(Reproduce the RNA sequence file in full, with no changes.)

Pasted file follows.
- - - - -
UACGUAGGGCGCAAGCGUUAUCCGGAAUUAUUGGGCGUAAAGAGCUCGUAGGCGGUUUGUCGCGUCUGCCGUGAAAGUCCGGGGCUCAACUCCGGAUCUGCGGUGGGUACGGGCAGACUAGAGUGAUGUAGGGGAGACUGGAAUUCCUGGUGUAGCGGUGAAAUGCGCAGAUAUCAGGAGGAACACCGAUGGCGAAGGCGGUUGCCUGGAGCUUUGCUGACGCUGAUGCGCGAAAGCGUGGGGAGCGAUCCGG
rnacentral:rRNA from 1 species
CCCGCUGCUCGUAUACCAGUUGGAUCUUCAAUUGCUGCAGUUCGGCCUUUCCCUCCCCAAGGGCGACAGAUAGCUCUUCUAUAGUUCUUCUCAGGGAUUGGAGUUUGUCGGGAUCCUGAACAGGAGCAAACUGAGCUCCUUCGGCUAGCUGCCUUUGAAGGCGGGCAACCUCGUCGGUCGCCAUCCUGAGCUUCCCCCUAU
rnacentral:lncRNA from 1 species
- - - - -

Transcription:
UACGUAGGGCGCAAGCGUUAUCCGGAAUUAUUGGGCGUAAAGAGCUCGUAGGCGGUUUGUCGCGUCUGCCGUGAAAGUCCGGGGCUCAACUCCGGAUCUGCGGUGGGUACGGGCAGACUAGAGUGAUGUAGGGGAGACUGGAAUUCCUGGUGUAGCGGUGAAAUGCGCAGAUAUCAGGAGGAACACCGAUGGCGAAGGCGGUUGCCUGGAGCUUUGCUGACGCUGAUGCGCGAAAGCGUGGGGAGCGAUCCGG
rnacentral:rRNA from 1 species
CCCGCUGCUCGUAUACCAGUUGGAUCUUCAAUUGCUGCAGUUCGGCCUUUCCCUCCCCAAGGGCGACAGAUAGCUCUUCUAUAGUUCUUCUCAGGGAUUGGAGUUUGUCGGGAUCCUGAACAGGAGCAAACUGAGCUCCUUCGGCUAGCUGCCUUUGAAGGCGGGCAACCUCGUCGGUCGCCAUCCUGAGCUUCCCCCUAU
rnacentral:lncRNA from 1 species